The name Froilan “Roy” Gonzales probably won’t ring a bell to many Insta-generation Filipinos pursuing a career in fashion. This is ironic, given that Gonzales is the only Filipino to have been head designer of a French couture house, and has had a career most youngsters could only dream of—and surely learn from.
Students of fashion and design have until June to get a glimpse of the Paris-trained Gonzales’ body of work, and those of his mother and grandmother, in the special exhibit called “R.T. Paras Haute Couture: 116 Years of Philippine Fashion,” at the National Museum of Fine Arts in Manila.
It’s the first-ever exhibit of the Paras-Gonzaleses.
Gonzales, 75, is a third-generation designer and couturier. He is continuing the legacy of his mother, Josefina “Inang” Tayag Gonzales, and grandmother, Roberta “Aling Belta” Tablante Paras, who established House of R.T. Paras in 1902 in Angeles, Pampanga.
The exhibit is Gonzales’ tribute to them—“a testimony to our shared histories and our link to the present,” he wrote in the show notes.
The 50-piece exhibit collection is on loan from clients, many of the pieces so old, even Gonzales couldn’t say if they were made by his mom or his lola.
“We relied on what they could loan us. But with the pieces from the late Meldy Cojuangco, I got to choose. Some I made, some were by my mom,” he said.
“We also borrowed from the Ramoses of National Book Store. We also have from the Aranetas and the Cojuangcos, all by my mom…”
Gonzales was only 19 in 1963 when his mother convinced him to go to Paris to study fashion at the Chambre Syndicale de la Couture Parisienne. Her hope was for her only child to continue the family business.
Instead of coming home, however, he accepted a position at Pierre Cardin—a choice that drove his mother to tears. (“She made peace with it eventually and was very proud. When I bought my own apartment, she told all the people and invited them to stay at my place!”)
Young and fickle, he left Cardin soon after and took a job in Rio de Janeiro, Brazil, in a fashion magazine, where he wrote a fashion column and designed a show collection. It was a flop.
He came home, but soon realized he missed Paris. He wrote Cardin and asked if he’d take him back.
It was literally at Cardin’s elbow that Gonzales learned the nitty-gritty of studio work. “Others found it a lowly task to be by his side, handing him scissors and pins, but I didn’t. That’s how I learned.”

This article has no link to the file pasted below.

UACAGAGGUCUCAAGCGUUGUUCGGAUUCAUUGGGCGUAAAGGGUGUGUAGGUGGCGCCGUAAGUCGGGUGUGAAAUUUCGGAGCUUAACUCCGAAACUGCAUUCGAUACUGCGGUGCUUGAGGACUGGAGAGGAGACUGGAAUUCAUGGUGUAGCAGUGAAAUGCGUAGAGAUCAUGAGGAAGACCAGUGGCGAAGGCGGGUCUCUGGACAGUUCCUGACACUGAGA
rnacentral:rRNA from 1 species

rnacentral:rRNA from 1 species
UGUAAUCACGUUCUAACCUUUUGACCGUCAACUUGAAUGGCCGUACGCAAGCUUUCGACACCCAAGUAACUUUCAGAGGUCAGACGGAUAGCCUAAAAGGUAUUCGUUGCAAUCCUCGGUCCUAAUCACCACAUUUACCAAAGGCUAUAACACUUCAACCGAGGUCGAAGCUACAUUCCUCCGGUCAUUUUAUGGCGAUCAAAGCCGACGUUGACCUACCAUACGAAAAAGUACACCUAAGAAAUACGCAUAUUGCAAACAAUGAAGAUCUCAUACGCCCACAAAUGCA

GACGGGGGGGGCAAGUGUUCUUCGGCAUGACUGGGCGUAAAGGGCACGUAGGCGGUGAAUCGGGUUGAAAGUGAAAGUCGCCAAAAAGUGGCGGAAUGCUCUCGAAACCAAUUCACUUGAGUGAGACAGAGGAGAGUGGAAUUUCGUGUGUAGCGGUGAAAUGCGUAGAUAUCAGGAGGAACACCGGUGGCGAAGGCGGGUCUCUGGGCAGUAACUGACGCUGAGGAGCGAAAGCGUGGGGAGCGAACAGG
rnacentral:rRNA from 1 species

It was hard work, those years. “When I was at Cardin, I didn’t have weekends off. I worked every day. Kids today should know that fashion isn’t all glorious. It’s real work.”
By 1970, Gonzales was again feeling restless. “I felt stagnant,” he said. He left Cardin and did freelance work. Briefly, he also worked at Cerutti as assistant designer. “I tried ready-to-wear but my style was too couture. It wasn’t for me.”
All that time, he was sending design sketches to his mother, who took over the company in 1953 when Aling Belta died. Inang had moved the workshop from Avenida in Manila to Quezon Avenue, Quezon City, in 1957, where it still stands today.
In 1973, Gonzales was hired at Jean Patou, to assist its designer, Angelo Tarlazzi. When Tarlazzi left without notice in 1977, Gonzales was named creative director.
“I did four collections a year—two for couture and two for ready-to-wear,” he said. When we told him designers in the big fashion houses today create six to eight collections a year, he was mortified: “Too much! That’s terrible.”
His time at Patou, however, wasn’t all smooth sailing. His bosses were “very demanding. They took out styles they didn’t like. Everything had to be salable, which was stifling for a creative. Once, I mixed fuchsia with a light orange, and they didn’t like it. ‘Too shocking.’ The following year, Saint Laurent did it. I made a ‘black bride,’ they didn’t want it. Next year, Saint Laurent again made it. It was depressing! The press didn’t want me, since I was Filipino. It affected me. I couldn’t do what I wanted, so I left in 1982.”
(Christian Lacroix took his place at Jean Patou.)
He worked in another company briefly before moving to Lecoanet Hemant, where he worked until deciding to come home for good in 1998, to care for his ailing mother.
“After Mom passed away in 2001, customers kept coming. We never closed. My plan was to travel back and forth, because I have an apartment in Paris.” He goes to Paris only in the spring, when Manila gets too humid.
“I didn’t need to retrain my mom’s staff because they were well trained. I just changed some things, taught them more techniques. I corrected some things that they did wrong,” he said. “I tried to do here what I did in Paris—all haute couture. We still hand-roll the seams. It’s not old-fashioned, that’s how it should be done. I also got used to not having certain materials here. I get by. I buy from Paris.”
His clients are the same affluent families his mom and lola made clothes for. And yet, he’s rarely seen in parties and big to-dos. He seldom does interviews and he has never done a show here. “I’m too shy,” he said.
Last month, he held a lecture in the exhibit hall at the National Museum. He had also taught master classes, in a school headed by Lulu Tan-Gan and Jojie Lloren. “I was a little shy because I’m not a teacher, so I asked them what they wanted to learn.”
In the exhibit, he pointed to a wedding gown with sleeves that looked like the butterfly sleeves of the terno. “That’s not a terno but a neckline I invented,” he said. “I learned the terno from my mom… Modernizing it is okay, especially for younger people.”
But worn with jeans or shorts? “I don’t know,” he said with a grimace. “I’m very classic. I follow style but not to the point where it’s unwearable.”
With no heirs, the House of R.T. Paras might die with Gonzales. “I don’t think of the future,” he said. “But as long as there’s work, why not? It’s the grace of God.”